1: Celebrating Finland 100
During The Long Spring journeys I encountered many artists, past and present, with close associations with the places I visited. For some, such as Maria Àngels Anglada, the Catalan novelist and poet, and the composer Olivier Messiaen, wildlife symbolised freedom and identity and their works mined deep reserves of personal and cultural connectedness to nature. In Finland, I read some of Elias Lönnrot’s epic Kalevala, the poem that inspired so much of Sibelius’s music. When the poem and the music inspired an independent Finland a hundred years ago this month, wildlife was an inextricable part of the narrative.
In this first in a series of articles, I recall my journey through that young country.
In 2017 Finland celebrates the centenary of its independence from Russia. Artist and broadcaster Minna Pyykkö, and her husband the writer Juha Laaksonen have launched a campaign “to give Finland a centenary gift of birdsong” by installing a million new nestboxes in the country’s gardens, parks and forests, in time for spring 2017.
“We launched the idea in the autumn to give ourselves two springs to reach our target. Already we have 750,000 boxes installed” Minna told me during an exhibition of her paintings at Liminganlahti nature reserve.
The public are encouraged to make or buy a nestbox, and take selfies showing the box in place. There is a website for uploading the pictures, which is how Minna and Juha are able to monitor progress.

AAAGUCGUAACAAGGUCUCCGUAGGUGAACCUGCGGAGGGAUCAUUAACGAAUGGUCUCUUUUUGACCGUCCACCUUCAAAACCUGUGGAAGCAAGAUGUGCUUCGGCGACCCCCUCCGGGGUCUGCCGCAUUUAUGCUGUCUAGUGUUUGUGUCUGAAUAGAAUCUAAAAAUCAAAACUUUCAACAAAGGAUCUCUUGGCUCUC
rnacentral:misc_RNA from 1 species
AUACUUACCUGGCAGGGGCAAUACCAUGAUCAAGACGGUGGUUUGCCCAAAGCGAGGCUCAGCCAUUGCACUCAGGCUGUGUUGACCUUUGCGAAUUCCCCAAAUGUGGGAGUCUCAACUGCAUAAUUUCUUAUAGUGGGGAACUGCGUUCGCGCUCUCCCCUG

The campaign may have popular appeal, but there is a serious side to it. “Finland has more forest cover than most other countries, but it is almost all commercial, and we have lost vast numbers of old trees. Birds like pied flycatchers and redstarts, not to mention Arctic specialities like the Siberian tit, have fewer natural holes in which to make their nests.”
During The Long Spring I arrived in Finland from Sweden, by ferry across the Gulf of Bothnia. Liminganlahti, on the Bothnian coast, was my first stop en route through Finland and into Norway. It is a 12,000 ha. protected area, part of the European Natura 2000 network, comprising shallow brackish sea, saltmarsh and wet forest. 150 species of bird breed there, and it is an internationally-important staging post for waterfowl and waders. Finnish Broadcasting Company’s Areena anchor Minna was there exhibiting a series of watercolours, all native species of owls. The paintings ranged from sensitively-observed portraits to studies of light and landscape in which owls are a semi-fantastical presence.
Minna Pyykkö’s previous exhibitions include a collection of birds portrayed in Finland’s national epic poem, Kalevala. They include the Swan of Tuonela, famously depicted in the Sibelius tone poem, and the long-tailed duck, regarded in Finland as the bringer of spring. Our discussion of Minna’s art, and Kalevala and its birds will be the subject the latest in the Conversations series on our sister website NATURAL LIGHT, and will be posted by 19 June.
Laurence Rose is a conservationist, writer and composer. He has worked for the RSPB since 1983.